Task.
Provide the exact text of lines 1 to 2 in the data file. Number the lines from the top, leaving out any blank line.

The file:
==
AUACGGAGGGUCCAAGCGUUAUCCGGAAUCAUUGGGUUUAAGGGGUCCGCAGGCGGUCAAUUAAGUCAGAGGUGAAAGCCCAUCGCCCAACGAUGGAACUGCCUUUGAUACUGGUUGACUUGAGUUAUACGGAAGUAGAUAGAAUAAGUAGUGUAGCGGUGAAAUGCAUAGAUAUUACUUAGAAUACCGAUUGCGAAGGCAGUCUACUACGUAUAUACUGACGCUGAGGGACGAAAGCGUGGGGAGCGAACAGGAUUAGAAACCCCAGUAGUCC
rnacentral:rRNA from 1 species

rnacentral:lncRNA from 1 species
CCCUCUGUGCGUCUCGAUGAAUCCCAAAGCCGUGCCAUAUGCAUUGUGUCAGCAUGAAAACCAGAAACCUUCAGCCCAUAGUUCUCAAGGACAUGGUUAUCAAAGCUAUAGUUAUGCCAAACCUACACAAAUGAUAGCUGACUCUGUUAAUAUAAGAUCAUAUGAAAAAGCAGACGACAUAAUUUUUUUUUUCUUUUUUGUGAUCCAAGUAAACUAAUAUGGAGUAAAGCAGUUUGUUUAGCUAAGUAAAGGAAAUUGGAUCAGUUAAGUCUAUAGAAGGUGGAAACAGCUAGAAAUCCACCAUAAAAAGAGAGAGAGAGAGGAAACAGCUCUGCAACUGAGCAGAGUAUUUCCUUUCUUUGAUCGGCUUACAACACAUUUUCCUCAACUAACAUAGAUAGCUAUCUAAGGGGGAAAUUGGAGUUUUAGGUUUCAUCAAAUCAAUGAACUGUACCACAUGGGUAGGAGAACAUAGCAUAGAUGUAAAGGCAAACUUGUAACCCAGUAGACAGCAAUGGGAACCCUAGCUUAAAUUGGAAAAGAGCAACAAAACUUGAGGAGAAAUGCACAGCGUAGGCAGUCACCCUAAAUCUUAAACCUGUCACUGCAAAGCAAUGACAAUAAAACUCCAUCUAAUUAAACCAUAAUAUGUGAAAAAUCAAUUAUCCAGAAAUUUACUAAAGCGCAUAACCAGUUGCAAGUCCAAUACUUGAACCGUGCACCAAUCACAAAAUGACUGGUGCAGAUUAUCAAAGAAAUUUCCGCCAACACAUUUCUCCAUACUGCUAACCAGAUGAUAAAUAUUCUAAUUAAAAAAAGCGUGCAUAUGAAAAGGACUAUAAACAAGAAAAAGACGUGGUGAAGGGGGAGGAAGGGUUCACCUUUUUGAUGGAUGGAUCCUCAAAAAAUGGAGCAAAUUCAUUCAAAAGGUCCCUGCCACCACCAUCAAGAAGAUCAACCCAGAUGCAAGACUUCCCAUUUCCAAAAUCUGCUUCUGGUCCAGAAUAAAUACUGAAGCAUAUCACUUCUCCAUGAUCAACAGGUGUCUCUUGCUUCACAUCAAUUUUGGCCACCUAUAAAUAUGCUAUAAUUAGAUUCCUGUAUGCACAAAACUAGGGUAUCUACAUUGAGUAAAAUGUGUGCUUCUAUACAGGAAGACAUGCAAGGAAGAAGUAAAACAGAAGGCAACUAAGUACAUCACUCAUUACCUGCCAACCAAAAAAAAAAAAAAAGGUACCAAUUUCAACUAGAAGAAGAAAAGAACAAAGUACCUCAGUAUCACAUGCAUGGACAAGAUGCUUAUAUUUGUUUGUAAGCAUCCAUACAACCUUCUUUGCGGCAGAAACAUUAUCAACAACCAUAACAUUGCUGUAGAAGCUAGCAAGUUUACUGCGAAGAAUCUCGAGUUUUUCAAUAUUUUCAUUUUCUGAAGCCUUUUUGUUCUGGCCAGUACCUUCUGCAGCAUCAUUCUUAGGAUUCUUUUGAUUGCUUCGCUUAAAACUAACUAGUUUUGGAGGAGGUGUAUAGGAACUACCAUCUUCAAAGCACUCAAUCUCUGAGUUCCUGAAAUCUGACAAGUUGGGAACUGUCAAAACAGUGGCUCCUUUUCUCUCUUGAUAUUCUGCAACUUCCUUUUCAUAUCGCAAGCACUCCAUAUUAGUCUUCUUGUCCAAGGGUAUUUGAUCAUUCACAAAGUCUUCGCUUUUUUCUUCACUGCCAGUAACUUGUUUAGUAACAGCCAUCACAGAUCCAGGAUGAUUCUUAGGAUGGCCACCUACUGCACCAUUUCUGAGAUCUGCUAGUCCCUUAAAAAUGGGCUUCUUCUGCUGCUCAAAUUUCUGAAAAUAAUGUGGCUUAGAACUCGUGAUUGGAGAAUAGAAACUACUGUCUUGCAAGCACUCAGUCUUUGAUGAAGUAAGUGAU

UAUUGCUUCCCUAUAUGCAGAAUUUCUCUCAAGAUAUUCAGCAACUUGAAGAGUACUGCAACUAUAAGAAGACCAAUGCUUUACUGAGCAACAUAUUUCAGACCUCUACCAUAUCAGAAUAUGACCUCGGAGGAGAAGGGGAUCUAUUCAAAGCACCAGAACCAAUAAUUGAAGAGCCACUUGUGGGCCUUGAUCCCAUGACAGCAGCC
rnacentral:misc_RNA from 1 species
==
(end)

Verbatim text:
AUACGGAGGGUCCAAGCGUUAUCCGGAAUCAUUGGGUUUAAGGGGUCCGCAGGCGGUCAAUUAAGUCAGAGGUGAAAGCCCAUCGCCCAACGAUGGAACUGCCUUUGAUACUGGUUGACUUGAGUUAUACGGAAGUAGAUAGAAUAAGUAGUGUAGCGGUGAAAUGCAUAGAUAUUACUUAGAAUACCGAUUGCGAAGGCAGUCUACUACGUAUAUACUGACGCUGAGGGACGAAAGCGUGGGGAGCGAACAGGAUUAGAAACCCCAGUAGUCC
rnacentral:rRNA from 1 species